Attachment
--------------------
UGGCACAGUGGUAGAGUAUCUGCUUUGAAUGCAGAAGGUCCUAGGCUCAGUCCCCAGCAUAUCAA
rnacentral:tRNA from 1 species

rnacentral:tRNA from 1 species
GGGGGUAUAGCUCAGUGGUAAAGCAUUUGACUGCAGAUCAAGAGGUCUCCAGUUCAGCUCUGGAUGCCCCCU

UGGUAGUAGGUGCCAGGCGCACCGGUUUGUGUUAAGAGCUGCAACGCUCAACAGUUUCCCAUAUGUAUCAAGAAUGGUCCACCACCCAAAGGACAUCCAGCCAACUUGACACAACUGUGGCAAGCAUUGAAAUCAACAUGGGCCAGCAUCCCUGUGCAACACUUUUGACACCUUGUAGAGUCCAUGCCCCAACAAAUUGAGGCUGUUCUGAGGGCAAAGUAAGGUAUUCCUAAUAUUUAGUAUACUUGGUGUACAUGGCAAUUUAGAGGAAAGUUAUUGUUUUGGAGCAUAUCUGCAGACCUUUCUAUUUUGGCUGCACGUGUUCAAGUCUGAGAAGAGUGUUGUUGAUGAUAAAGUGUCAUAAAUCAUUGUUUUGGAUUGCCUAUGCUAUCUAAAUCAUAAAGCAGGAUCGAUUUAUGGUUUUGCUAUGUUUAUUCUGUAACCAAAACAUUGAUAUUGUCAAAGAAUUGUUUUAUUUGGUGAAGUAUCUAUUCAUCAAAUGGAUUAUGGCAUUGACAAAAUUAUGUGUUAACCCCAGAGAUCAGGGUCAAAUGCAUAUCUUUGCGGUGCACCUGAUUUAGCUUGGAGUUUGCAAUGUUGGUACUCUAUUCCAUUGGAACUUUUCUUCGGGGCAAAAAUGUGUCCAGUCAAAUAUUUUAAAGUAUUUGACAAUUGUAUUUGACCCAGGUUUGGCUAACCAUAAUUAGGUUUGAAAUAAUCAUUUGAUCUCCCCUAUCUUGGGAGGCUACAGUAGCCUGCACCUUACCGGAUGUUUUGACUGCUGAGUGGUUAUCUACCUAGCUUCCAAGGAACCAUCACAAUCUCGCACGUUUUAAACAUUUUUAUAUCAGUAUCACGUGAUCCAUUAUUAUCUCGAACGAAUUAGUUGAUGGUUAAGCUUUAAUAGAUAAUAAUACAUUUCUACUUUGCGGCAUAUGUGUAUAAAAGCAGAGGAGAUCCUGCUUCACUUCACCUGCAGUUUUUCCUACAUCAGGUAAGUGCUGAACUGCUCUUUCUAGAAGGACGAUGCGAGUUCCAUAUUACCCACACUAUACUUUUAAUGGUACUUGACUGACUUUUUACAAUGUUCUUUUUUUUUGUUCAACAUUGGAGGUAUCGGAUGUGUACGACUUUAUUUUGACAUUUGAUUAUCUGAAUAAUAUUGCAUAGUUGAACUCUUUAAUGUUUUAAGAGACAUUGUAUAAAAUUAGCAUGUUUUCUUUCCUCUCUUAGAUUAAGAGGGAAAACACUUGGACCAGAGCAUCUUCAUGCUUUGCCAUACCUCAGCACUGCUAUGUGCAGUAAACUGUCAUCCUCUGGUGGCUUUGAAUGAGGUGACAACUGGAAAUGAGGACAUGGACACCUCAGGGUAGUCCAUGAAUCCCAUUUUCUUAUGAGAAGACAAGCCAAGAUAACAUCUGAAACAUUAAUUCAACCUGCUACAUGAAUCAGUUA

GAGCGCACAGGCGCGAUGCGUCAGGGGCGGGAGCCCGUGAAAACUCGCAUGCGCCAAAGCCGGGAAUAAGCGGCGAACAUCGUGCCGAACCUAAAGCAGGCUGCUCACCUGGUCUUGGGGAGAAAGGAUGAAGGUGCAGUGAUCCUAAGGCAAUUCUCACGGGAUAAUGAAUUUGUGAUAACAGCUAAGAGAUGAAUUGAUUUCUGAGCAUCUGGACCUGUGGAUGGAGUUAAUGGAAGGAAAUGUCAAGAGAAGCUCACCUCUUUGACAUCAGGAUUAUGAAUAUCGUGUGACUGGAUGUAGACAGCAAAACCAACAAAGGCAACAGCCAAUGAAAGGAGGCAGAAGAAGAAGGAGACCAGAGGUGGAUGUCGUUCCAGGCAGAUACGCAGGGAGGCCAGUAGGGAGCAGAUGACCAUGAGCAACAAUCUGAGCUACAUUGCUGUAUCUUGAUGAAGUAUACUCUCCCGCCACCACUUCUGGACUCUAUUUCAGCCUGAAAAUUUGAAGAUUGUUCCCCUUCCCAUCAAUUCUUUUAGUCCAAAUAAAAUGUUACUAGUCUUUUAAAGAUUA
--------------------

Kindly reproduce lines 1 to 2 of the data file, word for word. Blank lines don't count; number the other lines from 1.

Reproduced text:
UGGCACAGUGGUAGAGUAUCUGCUUUGAAUGCAGAAGGUCCUAGGCUCAGUCCCCAGCAUAUCAA
rnacentral:tRNA from 1 species